Angelique Namaika Wins the Nansen Refugee Award
Keep Updated with the Latest News and Feeds, Follow Us on Facebook
- Norway to Intervene Investigation of Killing of Russian Lawyer Sergei Magnitsky
- Aker Solutions and Baker Hughes Form Subsea Production Alliance
- Norway’s Second Man Refuses to Meet the Dalai Lama, People React
- Artists Reenact Human Zoo in Norway
- Solberg is More Popular After Stoltenberg’s NATO Appoinment
The United Nations High Commissioner for Refugees (UNHCR) announced Tuesday that this year’s Nansen Refugee Award goes to Sister Angelique Namaika, who works in the remote north east region of DR Congo with survivors of displacement and abuse by the Lord’s Resistance Army (LRA). The award ceremony in Geneva on 30 September will be hosted by NRC together with the UN High Commissioner for Refugees ( UNHCR). - NRC congratulates Sister Angelique Namaika with this prestigious award. I have been fortunate to already meet with the Sister and I am very impressed with the work she is doing. Faced with brutal violence by armed groups in north-eastern Congo, she has not given up. Instead she has struggled to provide victims of rape, violence and abuse new hope, says Secretary General of NRC, Jan Egeland.
Through her Centre for Reintegration and Development (CRAD) the Sister has helped transform the lives of more than 2000 displaced women and girls who have been forced from their homes by armed groups – including LRA. The brutality of the Ugandan rebel group is well-known and the testimonials of the women and girls whom Sister Angélique has helped are heart-wrenching.
Many of the women Sister Angélique helps recount stories of abduction, forced labour, beatings, murder, rape and other human rights abuses. The Sister’s one-on-one approach helps them recover. On top of the abuse they have suffered, these vulnerable women and girls are often ostracized by their own families and communities because of their ordeal. It takes a special kind of care and nurturing to help them heal and to pick up the pieces of their lives. She does this by giving them the possibility to learn a trade, start a small business or go back to school. Testimonies from these women show the remarkable affect she has had on helping turn around their lives with many affectionately calling her “mother”.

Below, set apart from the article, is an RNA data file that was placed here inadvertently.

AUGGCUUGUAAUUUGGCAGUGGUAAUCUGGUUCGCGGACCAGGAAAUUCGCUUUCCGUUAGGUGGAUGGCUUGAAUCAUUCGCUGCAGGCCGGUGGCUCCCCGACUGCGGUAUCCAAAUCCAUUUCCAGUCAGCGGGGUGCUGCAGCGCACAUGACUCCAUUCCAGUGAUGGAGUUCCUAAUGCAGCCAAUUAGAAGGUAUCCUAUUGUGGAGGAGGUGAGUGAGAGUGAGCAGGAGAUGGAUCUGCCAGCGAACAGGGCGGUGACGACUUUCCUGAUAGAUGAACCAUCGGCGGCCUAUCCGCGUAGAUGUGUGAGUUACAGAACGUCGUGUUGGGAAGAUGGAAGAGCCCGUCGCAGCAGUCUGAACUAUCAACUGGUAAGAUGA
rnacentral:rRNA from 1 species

While biking the streets of Dungu, Sister Angelique Namaika receives a warm welcome from a group of kids. Many people in Dungu know the sister for her kindness and honor her for that. PHOTO: Perspective / Anne Ackermann for NRC
Forced to flee
The announcement of the winner coincides with the release of a report which gives insight on the realities of life for those displaced by LRA violence. Since 2008 an estimated 320,000 people have been forced to flee in the Province – in some cases several times. The report highlights why LRA violence created such severe and long lasting trauma for not only the abductees but hundreds of thousands of internally displaced who are still too afraid to return home - despite a marked reduction in attacks.
‘The LRA have a long history of extreme violence and have committed some of the most horrendous mass atrocities in the world’ says Egeland. ‘The deeply entrenched fear that this long history of violence has inspired means that today, the mere rumor of perceived ‘LRA’ activity is enough to cause whole villages to flee in fear of their lives’ .